Wayne McGregor: Tree of Codes
State Theatre, Victorian Arts Centre, 19 October
Tree of Codes is a collaboration between British choreographer Wayne McGregor, designer Olafur Eliasson and composer Jamie xx. It is inspired by an art book by author Jonathan Safran Foer who took a favourite novella and meticulously cut out lines of text leaving not only new poetic meanings, but large physical gaps where text had been excised. It plays with notions of absence and presence and layering to create new meaning but ultimately serves only as a touchstone or impetus for the ballet.
There is an implication in the equal billing of the creative team that each component of the work carries the same weight. Perhaps this is the work’s clearest weakness as each element strains to be prominent in any given moment, creating a sense that it is overdone and cluttered both visually and aurally.
This is not to say that Tree of Codes is a bad work or an unenjoyable one, just that it is misjudged in its balancing of dance, design and music.
In fact, the dance was wonderful from 12 dancers drawn from Company Wayne McGregor, two from the Paris Opera Ballet and a guest artist. The choreography bears many hallmarks of McGregor’s style. It is challenging and dynamic and freely mixes contemporary and classical modalities, often commencing a movement in one idiom and resolving it unexpectedly in another.
The dancers worked flat out through the ballet in pacy sequences for groups and pairs. Mirrors and reflection are deployed throughout in the design to skew our perception of how many dancers are onstage at any given time and this device is repeated in different ways to multiply dancers on different parts of the stage at times and create depth of field.
A lone dancer en pointe contrasts with the rest of the cast who are dancing in flats but she is equally vulnerable to the pull of the work’s contemporary and jazz based aesthetic. At first this seems to be a rather pointed homage to the gravitas of the Paris Opera Ballet but it actually settles into the many-layered texture of the whole work and finally two dancers en pointe appear to anchor this element.
Design and music wrestle, at times, with the dancing. Dancers first appear in black with LED illuminated spots along their limbs. I found this immediately alienating as it appeared gimmicky and amateurish. No doubt it is supposed to connote the textual spaces in Safran Foer’s Tree of Codes but its effect creates apprehension and slows down the start of the work. The inclusion of disparate elements does typify the production’s design, especially its tendency for a lack of editing of visual ideas.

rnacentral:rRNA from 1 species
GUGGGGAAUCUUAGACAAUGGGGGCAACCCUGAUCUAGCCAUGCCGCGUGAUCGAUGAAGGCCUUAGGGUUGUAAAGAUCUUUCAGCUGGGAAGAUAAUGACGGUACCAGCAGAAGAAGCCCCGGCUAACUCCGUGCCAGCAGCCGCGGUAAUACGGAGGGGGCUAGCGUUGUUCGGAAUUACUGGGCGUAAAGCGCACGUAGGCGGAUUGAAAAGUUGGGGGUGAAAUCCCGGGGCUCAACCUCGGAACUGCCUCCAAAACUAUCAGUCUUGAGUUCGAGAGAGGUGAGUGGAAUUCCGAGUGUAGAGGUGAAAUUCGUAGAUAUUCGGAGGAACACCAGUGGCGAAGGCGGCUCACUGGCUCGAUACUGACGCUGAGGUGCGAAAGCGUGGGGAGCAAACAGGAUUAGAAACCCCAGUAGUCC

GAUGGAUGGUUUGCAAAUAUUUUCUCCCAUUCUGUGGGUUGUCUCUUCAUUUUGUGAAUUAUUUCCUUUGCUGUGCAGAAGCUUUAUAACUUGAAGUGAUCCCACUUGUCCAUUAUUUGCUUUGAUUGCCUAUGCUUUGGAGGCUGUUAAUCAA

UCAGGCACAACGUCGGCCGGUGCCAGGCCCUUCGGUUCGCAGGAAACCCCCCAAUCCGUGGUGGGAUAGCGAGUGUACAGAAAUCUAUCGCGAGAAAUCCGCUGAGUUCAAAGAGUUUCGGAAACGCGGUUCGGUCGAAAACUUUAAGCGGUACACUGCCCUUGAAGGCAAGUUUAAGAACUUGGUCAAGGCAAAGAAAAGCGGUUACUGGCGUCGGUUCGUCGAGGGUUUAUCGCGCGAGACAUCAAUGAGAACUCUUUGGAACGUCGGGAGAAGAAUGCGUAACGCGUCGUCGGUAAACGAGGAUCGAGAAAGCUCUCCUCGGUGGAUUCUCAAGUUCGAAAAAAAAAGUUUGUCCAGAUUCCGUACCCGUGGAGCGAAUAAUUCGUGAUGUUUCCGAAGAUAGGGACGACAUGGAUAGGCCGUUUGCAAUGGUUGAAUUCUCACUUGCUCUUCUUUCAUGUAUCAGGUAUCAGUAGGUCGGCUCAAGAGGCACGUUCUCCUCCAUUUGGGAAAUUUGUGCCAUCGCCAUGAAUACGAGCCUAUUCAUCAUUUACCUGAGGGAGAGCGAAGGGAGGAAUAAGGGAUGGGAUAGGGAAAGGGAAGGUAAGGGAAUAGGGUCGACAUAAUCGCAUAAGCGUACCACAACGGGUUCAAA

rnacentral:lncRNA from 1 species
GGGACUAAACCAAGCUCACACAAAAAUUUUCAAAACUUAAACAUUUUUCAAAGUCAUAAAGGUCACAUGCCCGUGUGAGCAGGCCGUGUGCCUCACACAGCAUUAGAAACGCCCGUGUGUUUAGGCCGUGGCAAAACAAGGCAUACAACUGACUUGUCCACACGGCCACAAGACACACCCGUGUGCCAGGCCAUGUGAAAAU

The design just keeps on coming and includes lights, reflection - both of dancers and audience, floodlights and culminates in significant sculptures rotating above the front rows of the audience and casting coloured reflections around the auditorium. Restraint is notably absent from this production. The effect is to saturate in a way that allows little time for the audience to enjoy, digest and understand the competing stimuli.
Layered on top of the dance and design is a series of musical compositions that feels bitsy and ultimately annoying. Again, I felt that this aspect was not being consciously married with the other elements but was an independent strand let loose into the mix. There is little unity in the music which features sampling from songs and other electronica.
Festival audiences are out to experience something different from the usual and seemed to appreciate the spectacle. Tree of Codes delivered an overabundance of sight and sound but ultimately did not suggest a unified artistic vision.
- SUSAN BENDALL
Top photo: Ravi Deepres